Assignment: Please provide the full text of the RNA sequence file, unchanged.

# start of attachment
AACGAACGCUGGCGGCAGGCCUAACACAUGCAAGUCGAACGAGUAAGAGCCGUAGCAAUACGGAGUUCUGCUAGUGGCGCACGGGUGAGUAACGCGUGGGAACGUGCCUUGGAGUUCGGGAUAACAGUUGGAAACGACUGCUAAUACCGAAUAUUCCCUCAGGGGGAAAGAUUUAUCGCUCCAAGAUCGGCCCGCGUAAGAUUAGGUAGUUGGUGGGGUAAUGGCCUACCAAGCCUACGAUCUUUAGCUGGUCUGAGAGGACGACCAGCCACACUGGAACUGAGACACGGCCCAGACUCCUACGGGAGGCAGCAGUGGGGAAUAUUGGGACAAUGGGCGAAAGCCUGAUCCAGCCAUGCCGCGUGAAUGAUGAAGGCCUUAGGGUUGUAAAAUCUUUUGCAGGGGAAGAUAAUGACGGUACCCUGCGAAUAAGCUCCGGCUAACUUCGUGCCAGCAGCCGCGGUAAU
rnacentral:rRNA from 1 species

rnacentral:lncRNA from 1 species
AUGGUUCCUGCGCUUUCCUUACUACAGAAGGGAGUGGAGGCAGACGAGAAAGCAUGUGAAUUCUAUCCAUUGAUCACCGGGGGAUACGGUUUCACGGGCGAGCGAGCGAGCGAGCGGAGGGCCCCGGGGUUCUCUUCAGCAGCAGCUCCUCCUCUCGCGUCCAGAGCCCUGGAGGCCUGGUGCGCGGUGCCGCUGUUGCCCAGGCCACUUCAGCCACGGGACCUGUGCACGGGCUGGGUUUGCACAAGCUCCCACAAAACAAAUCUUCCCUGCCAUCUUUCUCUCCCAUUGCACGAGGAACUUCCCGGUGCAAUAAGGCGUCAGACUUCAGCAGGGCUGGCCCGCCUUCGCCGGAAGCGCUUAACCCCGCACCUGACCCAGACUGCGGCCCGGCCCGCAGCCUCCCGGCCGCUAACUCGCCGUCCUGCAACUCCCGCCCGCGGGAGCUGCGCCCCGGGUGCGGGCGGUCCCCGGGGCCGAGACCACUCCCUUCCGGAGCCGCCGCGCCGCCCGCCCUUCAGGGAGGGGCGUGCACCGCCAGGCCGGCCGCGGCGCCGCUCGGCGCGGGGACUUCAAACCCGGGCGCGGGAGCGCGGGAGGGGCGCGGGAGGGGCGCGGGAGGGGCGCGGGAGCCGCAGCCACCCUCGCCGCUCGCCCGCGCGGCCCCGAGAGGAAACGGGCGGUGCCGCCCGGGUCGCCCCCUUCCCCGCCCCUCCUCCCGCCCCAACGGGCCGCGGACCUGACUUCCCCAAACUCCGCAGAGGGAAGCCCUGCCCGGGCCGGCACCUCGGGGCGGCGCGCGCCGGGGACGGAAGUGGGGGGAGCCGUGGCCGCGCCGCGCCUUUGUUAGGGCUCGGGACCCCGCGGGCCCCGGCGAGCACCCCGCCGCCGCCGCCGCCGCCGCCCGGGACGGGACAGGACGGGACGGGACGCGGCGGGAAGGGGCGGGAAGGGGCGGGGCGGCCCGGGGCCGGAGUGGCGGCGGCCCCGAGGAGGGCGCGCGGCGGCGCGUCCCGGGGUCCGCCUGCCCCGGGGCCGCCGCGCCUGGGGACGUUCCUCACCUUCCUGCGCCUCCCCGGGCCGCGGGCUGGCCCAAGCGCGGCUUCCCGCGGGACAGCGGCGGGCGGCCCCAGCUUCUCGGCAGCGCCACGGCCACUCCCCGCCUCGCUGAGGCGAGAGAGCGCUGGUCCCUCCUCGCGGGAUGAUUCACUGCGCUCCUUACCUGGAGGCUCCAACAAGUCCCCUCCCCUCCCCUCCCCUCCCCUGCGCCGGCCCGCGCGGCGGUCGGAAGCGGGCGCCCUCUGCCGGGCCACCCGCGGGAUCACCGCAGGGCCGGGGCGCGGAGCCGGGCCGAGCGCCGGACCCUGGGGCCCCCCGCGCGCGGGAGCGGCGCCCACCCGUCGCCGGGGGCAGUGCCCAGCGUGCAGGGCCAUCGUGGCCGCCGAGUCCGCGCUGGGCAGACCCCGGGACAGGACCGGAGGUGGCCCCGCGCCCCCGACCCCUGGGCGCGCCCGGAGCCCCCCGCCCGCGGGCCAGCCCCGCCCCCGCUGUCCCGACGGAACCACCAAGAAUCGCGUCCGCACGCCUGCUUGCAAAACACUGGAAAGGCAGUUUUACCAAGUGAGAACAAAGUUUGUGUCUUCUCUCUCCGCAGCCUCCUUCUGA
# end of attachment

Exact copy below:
AACGAACGCUGGCGGCAGGCCUAACACAUGCAAGUCGAACGAGUAAGAGCCGUAGCAAUACGGAGUUCUGCUAGUGGCGCACGGGUGAGUAACGCGUGGGAACGUGCCUUGGAGUUCGGGAUAACAGUUGGAAACGACUGCUAAUACCGAAUAUUCCCUCAGGGGGAAAGAUUUAUCGCUCCAAGAUCGGCCCGCGUAAGAUUAGGUAGUUGGUGGGGUAAUGGCCUACCAAGCCUACGAUCUUUAGCUGGUCUGAGAGGACGACCAGCCACACUGGAACUGAGACACGGCCCAGACUCCUACGGGAGGCAGCAGUGGGGAAUAUUGGGACAAUGGGCGAAAGCCUGAUCCAGCCAUGCCGCGUGAAUGAUGAAGGCCUUAGGGUUGUAAAAUCUUUUGCAGGGGAAGAUAAUGACGGUACCCUGCGAAUAAGCUCCGGCUAACUUCGUGCCAGCAGCCGCGGUAAU
rnacentral:rRNA from 1 species

rnacentral:lncRNA from 1 species
AUGGUUCCUGCGCUUUCCUUACUACAGAAGGGAGUGGAGGCAGACGAGAAAGCAUGUGAAUUCUAUCCAUUGAUCACCGGGGGAUACGGUUUCACGGGCGAGCGAGCGAGCGAGCGGAGGGCCCCGGGGUUCUCUUCAGCAGCAGCUCCUCCUCUCGCGUCCAGAGCCCUGGAGGCCUGGUGCGCGGUGCCGCUGUUGCCCAGGCCACUUCAGCCACGGGACCUGUGCACGGGCUGGGUUUGCACAAGCUCCCACAAAACAAAUCUUCCCUGCCAUCUUUCUCUCCCAUUGCACGAGGAACUUCCCGGUGCAAUAAGGCGUCAGACUUCAGCAGGGCUGGCCCGCCUUCGCCGGAAGCGCUUAACCCCGCACCUGACCCAGACUGCGGCCCGGCCCGCAGCCUCCCGGCCGCUAACUCGCCGUCCUGCAACUCCCGCCCGCGGGAGCUGCGCCCCGGGUGCGGGCGGUCCCCGGGGCCGAGACCACUCCCUUCCGGAGCCGCCGCGCCGCCCGCCCUUCAGGGAGGGGCGUGCACCGCCAGGCCGGCCGCGGCGCCGCUCGGCGCGGGGACUUCAAACCCGGGCGCGGGAGCGCGGGAGGGGCGCGGGAGGGGCGCGGGAGGGGCGCGGGAGCCGCAGCCACCCUCGCCGCUCGCCCGCGCGGCCCCGAGAGGAAACGGGCGGUGCCGCCCGGGUCGCCCCCUUCCCCGCCCCUCCUCCCGCCCCAACGGGCCGCGGACCUGACUUCCCCAAACUCCGCAGAGGGAAGCCCUGCCCGGGCCGGCACCUCGGGGCGGCGCGCGCCGGGGACGGAAGUGGGGGGAGCCGUGGCCGCGCCGCGCCUUUGUUAGGGCUCGGGACCCCGCGGGCCCCGGCGAGCACCCCGCCGCCGCCGCCGCCGCCGCCCGGGACGGGACAGGACGGGACGGGACGCGGCGGGAAGGGGCGGGAAGGGGCGGGGCGGCCCGGGGCCGGAGUGGCGGCGGCCCCGAGGAGGGCGCGCGGCGGCGCGUCCCGGGGUCCGCCUGCCCCGGGGCCGCCGCGCCUGGGGACGUUCCUCACCUUCCUGCGCCUCCCCGGGCCGCGGGCUGGCCCAAGCGCGGCUUCCCGCGGGACAGCGGCGGGCGGCCCCAGCUUCUCGGCAGCGCCACGGCCACUCCCCGCCUCGCUGAGGCGAGAGAGCGCUGGUCCCUCCUCGCGGGAUGAUUCACUGCGCUCCUUACCUGGAGGCUCCAACAAGUCCCCUCCCCUCCCCUCCCCUCCCCUGCGCCGGCCCGCGCGGCGGUCGGAAGCGGGCGCCCUCUGCCGGGCCACCCGCGGGAUCACCGCAGGGCCGGGGCGCGGAGCCGGGCCGAGCGCCGGACCCUGGGGCCCCCCGCGCGCGGGAGCGGCGCCCACCCGUCGCCGGGGGCAGUGCCCAGCGUGCAGGGCCAUCGUGGCCGCCGAGUCCGCGCUGGGCAGACCCCGGGACAGGACCGGAGGUGGCCCCGCGCCCCCGACCCCUGGGCGCGCCCGGAGCCCCCCGCCCGCGGGCCAGCCCCGCCCCCGCUGUCCCGACGGAACCACCAAGAAUCGCGUCCGCACGCCUGCUUGCAAAACACUGGAAAGGCAGUUUUACCAAGUGAGAACAAAGUUUGUGUCUUCUCUCUCCGCAGCCUCCUUCUGA